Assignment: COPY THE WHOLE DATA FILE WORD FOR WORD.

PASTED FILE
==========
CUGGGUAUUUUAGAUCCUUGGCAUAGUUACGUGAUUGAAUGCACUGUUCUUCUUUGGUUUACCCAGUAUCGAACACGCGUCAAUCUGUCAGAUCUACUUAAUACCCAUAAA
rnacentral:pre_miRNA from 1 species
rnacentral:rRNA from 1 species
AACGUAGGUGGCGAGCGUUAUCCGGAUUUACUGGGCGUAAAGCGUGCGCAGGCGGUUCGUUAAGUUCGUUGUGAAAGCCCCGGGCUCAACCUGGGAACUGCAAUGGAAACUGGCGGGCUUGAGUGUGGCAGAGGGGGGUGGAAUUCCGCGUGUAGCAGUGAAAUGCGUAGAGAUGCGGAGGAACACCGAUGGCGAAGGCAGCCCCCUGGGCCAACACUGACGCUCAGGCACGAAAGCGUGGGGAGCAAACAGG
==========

CUGGGUAUUUUAGAUCCUUGGCAUAGUUACGUGAUUGAAUGCACUGUUCUUCUUUGGUUUACCCAGUAUCGAACACGCGUCAAUCUGUCAGAUCUACUUAAUACCCAUAAA
rnacentral:pre_miRNA from 1 species
rnacentral:rRNA from 1 species
AACGUAGGUGGCGAGCGUUAUCCGGAUUUACUGGGCGUAAAGCGUGCGCAGGCGGUUCGUUAAGUUCGUUGUGAAAGCCCCGGGCUCAACCUGGGAACUGCAAUGGAAACUGGCGGGCUUGAGUGUGGCAGAGGGGGGUGGAAUUCCGCGUGUAGCAGUGAAAUGCGUAGAGAUGCGGAGGAACACCGAUGGCGAAGGCAGCCCCCUGGGCCAACACUGACGCUCAGGCACGAAAGCGUGGGGAGCAAACAGG